Hz. Mevlâna Celaleddin-i Rumi


"Either seem as you are, or be as you seem", Hz. Mevlâna

Hz. Mevlâna Celaleddin-i Rumi, the founder of the Mevlevi Order, is the great Anatolian theologian, scholar, and poet.

Known as Hz. Mevlâna in the East and as Rumi in the West, his birth name was Mohammed, and he was later nicknamed "Celaleddin". The name “Mevlâna”, meaning “our master”, was given to him in Konya, Turkey. The name “Rumi” relates to “the land of Rum (Roman)”, referring to “Anatolia”, where he lived and died.

Hz. Mevlâna was born on 30 September 1207 in Balkh, Horasan (today's Afghanistan). His mother, Mümine, was the daughter of Rükneddin, the sovereign ruler (emir) of Balkh.

At a very early age, Mevlâna received his first lessons from his father, Bahaeddin Veled, who was the chief scholar (Sultan-ül Ulema). He also took lessons from Seyyid Burhaneddin Tirmizi and other top scholars of the time. He learned Turkish, Arabic, Persian, Greek, and was well educated in many subjects from history to medicine. Along with Islam, he studied the other religions and pursued the divine truth and secrets.

Because of an expected Mongol invasion, the whole family had to leave their hometown of Balkh around 1212 (or 1213). His father's disagreement with Fahreddin-i Razi, one of his contemporary theologians was also a factor in his decision to leave.

When Mevlâna was 6  years of age he began the long journey with his family and exceptional scholars, which would end in 1228 at the age of 21. By today's norms, this period of life between the ages of 6 and 21 covers a full formal education. A comprehensive social, cultural, linguistic, and geographical experience in many different countries on their journey, enhanced byl one-on-one tutors under a chief scholar contributed greatly to forming a brilliant person, who would have the capacity to understand, to appreciate, and to make use of such an incredible education.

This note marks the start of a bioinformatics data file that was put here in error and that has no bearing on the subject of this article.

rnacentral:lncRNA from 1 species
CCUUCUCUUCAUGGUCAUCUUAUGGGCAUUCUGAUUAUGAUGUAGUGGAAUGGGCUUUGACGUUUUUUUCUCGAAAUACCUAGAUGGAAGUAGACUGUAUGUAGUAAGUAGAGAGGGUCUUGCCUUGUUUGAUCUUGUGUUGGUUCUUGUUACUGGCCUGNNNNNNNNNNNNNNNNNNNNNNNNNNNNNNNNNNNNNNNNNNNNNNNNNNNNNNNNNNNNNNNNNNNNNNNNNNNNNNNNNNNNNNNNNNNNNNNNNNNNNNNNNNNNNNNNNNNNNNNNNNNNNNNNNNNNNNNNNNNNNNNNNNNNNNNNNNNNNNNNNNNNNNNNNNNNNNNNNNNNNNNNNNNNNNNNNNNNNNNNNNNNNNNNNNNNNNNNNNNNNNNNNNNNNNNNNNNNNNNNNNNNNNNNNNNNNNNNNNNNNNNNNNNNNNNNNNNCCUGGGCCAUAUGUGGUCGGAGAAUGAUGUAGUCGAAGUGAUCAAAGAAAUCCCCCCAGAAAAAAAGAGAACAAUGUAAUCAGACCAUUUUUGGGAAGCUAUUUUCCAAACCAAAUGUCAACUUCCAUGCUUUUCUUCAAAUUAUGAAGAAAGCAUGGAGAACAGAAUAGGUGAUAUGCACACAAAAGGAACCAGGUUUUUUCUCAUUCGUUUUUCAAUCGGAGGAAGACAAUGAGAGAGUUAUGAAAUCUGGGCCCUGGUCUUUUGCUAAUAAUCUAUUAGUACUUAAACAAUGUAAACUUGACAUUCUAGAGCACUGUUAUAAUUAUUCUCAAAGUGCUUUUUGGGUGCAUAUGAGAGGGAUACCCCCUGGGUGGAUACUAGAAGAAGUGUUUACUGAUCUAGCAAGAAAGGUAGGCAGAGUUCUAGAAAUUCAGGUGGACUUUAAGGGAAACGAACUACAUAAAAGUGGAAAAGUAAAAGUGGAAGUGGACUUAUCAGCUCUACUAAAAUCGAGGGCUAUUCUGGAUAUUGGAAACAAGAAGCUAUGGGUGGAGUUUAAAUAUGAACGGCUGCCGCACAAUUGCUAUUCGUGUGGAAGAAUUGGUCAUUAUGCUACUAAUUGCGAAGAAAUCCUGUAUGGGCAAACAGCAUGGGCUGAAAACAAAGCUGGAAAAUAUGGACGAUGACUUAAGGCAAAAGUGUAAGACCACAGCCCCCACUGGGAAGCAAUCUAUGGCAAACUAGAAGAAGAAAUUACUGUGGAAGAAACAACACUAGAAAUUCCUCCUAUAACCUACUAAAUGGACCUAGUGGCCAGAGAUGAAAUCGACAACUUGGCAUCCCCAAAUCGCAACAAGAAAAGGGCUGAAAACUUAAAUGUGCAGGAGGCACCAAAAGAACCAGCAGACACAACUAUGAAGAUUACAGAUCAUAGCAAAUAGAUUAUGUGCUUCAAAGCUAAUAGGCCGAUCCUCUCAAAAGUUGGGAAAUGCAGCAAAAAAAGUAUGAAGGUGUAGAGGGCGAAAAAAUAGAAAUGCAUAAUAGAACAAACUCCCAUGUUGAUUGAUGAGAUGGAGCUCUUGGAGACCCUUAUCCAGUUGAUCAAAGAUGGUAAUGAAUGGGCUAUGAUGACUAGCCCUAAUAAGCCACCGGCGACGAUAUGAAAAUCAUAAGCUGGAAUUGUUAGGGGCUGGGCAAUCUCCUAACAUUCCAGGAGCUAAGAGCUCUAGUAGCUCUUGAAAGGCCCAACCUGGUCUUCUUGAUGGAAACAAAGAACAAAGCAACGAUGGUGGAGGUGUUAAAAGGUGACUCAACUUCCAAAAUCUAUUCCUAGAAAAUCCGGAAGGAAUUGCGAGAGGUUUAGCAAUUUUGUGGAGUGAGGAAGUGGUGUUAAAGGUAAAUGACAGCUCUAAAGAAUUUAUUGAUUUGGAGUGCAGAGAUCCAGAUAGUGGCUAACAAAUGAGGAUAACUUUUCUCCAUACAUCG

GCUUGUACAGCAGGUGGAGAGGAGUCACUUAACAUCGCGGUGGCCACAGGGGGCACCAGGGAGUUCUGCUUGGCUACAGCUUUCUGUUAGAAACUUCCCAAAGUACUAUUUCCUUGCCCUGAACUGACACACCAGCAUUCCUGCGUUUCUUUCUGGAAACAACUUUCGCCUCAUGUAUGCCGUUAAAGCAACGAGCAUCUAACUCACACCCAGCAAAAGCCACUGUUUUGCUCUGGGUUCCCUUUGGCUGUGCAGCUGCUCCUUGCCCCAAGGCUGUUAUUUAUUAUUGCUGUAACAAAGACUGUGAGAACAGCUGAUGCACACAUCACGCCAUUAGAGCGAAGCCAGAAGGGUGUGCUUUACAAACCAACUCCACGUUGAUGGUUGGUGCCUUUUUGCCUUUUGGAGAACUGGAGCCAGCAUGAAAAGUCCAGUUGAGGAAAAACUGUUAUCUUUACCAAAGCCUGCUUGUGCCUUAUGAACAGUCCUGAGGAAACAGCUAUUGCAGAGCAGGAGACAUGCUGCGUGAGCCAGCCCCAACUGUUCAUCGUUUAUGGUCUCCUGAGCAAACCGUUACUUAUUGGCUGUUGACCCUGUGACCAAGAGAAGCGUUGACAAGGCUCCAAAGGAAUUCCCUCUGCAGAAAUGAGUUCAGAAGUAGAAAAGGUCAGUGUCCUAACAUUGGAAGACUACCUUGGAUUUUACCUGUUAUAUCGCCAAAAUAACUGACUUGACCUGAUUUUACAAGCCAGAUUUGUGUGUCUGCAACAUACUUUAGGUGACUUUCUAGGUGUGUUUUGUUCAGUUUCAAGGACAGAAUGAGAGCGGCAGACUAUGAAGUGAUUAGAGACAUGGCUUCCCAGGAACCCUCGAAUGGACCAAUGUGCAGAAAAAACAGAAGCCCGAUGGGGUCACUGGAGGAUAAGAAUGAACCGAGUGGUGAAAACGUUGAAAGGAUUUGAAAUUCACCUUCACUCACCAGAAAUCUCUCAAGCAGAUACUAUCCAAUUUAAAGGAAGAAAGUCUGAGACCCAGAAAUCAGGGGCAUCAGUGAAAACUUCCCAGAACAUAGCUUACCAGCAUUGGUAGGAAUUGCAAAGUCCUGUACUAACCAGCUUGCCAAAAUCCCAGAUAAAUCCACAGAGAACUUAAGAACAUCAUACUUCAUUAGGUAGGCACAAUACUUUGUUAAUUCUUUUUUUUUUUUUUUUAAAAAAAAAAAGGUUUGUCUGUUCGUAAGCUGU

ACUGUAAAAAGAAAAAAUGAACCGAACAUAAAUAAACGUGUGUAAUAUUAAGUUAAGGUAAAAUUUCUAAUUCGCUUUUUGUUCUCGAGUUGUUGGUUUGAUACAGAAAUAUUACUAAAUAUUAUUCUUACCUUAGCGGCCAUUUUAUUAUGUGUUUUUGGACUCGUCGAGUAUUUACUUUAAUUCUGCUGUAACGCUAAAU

They first went to Mecca, (in Saudi Arabia) for hadj, the Islamic pilgrimage, by way of Baghdad (in Iraq). After staying in Damascus and many towns in Anatolia, they arrived in Karaman (in Turkey) in 1222, where they stayed for seven years. At the age of 18 in 1225, he married Gevher Hatun, who gave him two sons. Upon the unfortunate death of Gevher, Mevlâna married Kerra Hatun, who also gave him three children, two sons and a daughter.

The Great Seljuk Empire (1037-1194), the other Turkish Empire and the predecessor to the Ottoman Empire, was then dominating Anatolia. As the capital city of the Seljuks, Konya was very popular and the center of art and science. The city, therefore, was full of artists and scholars.

Upon receiving an invitation from Alâeddîn Keykubad, the Seljuk Sultan, the travel of Bahaeddin Veled, his son and their group ended up in Konya on 3 May 1228. They settled on the land, which was originally a rose garden. This contribution of the Sultan's thereby became the current location of the Mevlevi Order. Almost 16 years after they left their hometown, the group arrived at their final destination. There was one more important mission for Bahaeddin Veled, the chief scholar (Sultan-ül Ulema): the orientation of his family and his followers to their new hometown, Konya. It took almost three years, but he successfully completed his last mission too. When he died in 1231, he left human beings a gift, a child, who has been revered for 800 years. Mevlâna was 24 and was ready to continue his future alone.

"I saw countless people with no clothing on.
I saw countless clothing with no human in.",
Hz. Mevlâna